Weather disasters kill or injure hundreds of Americans each year and cause billions of dollars in damage. The risks posed by some types of weather-related disasters will likely increase in a warming world. Scientists have already detected increases in extreme precipitation events and heat waves in the United States, and climate science tells us that global warming will likely lead to further changes in weather extremes.
Since 2007[i], federally declared weather-related disasters in the United States have affected counties housing 243 million people – or nearly four out of five Americans. The breadth and severity of weather-related disasters in the United States – coupled with the emerging science on the potential for global warming to exacerbate some types of extreme weather – suggest that the United States should take urgent action to reduce emissions of global warming pollution, while taking steps to prepare for the dangers posed by climate change.
Weather-related disasters are common in the United States, affecting people in every part of the country.
- Since 2007, weather-related disasters have been declared in every U.S. state other than South Carolina. During this period, weather-related disasters affected every county in 18 states and the District of Columbia. (Alabama, Arkansas, Connecticut, Delaware, Hawaii, Iowa, Louisiana, Massachusetts, Maryland, Maine, Missouri, North Dakota, New Hampshire, New Jersey, Oklahoma, Rhode Island, Vermont and West Virginia.) (See Figure ES-1.)
- More than 19 million Americans live in counties that have averaged one or more weather-related disasters per year since the beginning of 2007.
- Eight U.S. counties – five in Oklahoma, two in Nebraska and one South Dakota – have each experienced 10 or more declared weather-related disasters since the beginning of 2007.
Figure ES-1. Number of Declared Weather-Related Disasters since 2007 by County
- More than 76 million Americans live in counties affected by weather-related disasters in 2012. There were at least 11 disasters in 2012 that each inflicted more than $1 billion in damage, including Hurricane Sandy, which inflicted estimated damages of at least $50 billion, making it the costliest weather disaster since Hurricane Katrina in 2005, and the costliest hurricane to ever hit the East Coast.
- As of February 2013, 705 counties housing more than 63.5 million people had been designated primary natural disaster areas as a result of drought by the U.S. Department of Agriculture.
Several extreme events in 2012 broke previous weather records.
- The contiguous United States experienced its hottest month and hottest year in recorded history in 2012. The United States smashed the previous record for warmest year – exceeding the previous record year (1998) by 1° F. The United States experienced its warmest spring, second-warmest summer and fourth-warmest winter in 2012. The nation also posted its warmest single month on record in July 2012.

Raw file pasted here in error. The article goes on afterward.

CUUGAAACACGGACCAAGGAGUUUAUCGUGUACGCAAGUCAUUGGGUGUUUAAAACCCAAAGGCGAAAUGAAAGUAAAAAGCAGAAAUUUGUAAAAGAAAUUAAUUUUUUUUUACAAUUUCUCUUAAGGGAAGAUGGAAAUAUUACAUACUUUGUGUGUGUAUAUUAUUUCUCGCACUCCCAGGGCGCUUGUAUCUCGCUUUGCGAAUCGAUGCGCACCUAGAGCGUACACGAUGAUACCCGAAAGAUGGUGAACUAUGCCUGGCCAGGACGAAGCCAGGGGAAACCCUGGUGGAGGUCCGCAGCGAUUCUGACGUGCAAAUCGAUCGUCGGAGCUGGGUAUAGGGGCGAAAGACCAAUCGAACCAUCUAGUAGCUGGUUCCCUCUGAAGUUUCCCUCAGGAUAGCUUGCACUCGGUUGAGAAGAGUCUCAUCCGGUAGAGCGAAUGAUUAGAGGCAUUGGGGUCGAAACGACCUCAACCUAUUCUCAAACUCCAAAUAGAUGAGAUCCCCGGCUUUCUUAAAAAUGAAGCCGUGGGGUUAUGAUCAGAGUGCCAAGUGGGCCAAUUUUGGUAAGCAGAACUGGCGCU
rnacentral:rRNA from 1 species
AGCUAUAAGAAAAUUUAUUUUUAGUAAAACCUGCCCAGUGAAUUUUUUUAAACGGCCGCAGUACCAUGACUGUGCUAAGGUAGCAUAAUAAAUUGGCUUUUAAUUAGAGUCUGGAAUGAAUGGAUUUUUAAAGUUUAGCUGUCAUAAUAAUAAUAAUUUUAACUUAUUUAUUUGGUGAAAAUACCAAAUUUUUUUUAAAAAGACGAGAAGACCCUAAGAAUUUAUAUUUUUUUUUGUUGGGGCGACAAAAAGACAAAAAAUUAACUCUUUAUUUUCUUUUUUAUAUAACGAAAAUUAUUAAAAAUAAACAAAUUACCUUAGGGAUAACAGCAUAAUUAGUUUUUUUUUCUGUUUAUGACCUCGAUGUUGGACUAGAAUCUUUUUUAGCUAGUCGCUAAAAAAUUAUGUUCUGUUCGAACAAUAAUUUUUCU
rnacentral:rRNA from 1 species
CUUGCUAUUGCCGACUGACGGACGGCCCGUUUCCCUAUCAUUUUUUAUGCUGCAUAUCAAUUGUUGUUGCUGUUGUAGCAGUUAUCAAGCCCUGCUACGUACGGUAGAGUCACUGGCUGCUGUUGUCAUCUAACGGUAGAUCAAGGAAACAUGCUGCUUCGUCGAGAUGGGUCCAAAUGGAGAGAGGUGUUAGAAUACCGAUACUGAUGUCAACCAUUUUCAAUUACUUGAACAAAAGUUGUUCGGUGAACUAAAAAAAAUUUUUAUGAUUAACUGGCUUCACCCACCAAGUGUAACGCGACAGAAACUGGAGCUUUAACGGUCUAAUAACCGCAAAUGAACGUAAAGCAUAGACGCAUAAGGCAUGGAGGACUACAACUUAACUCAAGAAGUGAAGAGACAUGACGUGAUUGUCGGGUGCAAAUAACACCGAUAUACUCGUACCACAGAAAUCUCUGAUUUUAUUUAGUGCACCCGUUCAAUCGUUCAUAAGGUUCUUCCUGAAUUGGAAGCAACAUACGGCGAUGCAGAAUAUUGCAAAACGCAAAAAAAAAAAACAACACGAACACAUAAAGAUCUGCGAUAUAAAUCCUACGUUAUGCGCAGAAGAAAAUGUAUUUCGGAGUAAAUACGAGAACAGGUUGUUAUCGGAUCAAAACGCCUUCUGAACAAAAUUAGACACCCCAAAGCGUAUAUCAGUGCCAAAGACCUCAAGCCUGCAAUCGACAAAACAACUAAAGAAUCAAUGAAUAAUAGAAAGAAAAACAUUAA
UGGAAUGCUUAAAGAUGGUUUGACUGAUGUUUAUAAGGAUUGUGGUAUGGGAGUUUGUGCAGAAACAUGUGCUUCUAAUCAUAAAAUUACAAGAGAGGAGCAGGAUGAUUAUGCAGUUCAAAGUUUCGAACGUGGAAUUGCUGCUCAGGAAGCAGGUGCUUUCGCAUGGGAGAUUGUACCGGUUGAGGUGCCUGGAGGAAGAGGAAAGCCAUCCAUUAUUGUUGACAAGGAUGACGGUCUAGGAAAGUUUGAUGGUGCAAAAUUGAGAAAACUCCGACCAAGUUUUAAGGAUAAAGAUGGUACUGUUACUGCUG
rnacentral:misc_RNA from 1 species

- Nebraska and Wyoming experienced their driest years on record, while other Plains and Midwestern states experienced drier than normal conditions.
- The U.S. experienced its most widespread drought in more than a half century, as a result of record heat and low rainfall. In July 2012, 64 percent of the nation experienced moderate to exceptional drought, according to the National Climatic Data Center, making it the most widespread drought since at least 1956.
- Hurricane Sandy broke or challenged multiple records. It was the largest tropical cyclone in terms of area since modern record-keeping began in 1988, was responsible for the lowest barometric pressure ever recorded along the Northeast U.S. coast, and produced record storm tides in the New York City area.
Some types of extreme weather events have become more common or intense in recent years and may continue to become more frequent or severe in a warming world.
- Extreme downpours. The United States has experienced an increase in heavy precipitation events, with the rainiest 1 percent of all storms delivering 20 percent more rain on average at the end of the 20th century than at the beginning. The trend toward extreme precipitation is projected to continue, even though higher temperatures and drier summers will likely also increase the risk of drought in certain parts of the country.
- Heat waves. The United States has experienced an increase in the number of heat waves over the last half century. Scientists project that heat waves and unusually hot seasons will likely become more common in a warming world.
- Hurricane intensity and rainfall. Hurricanes may become more intense and bring greater amounts of rainfall in a warming world, even though the number of hurricanes may remain the same or decrease.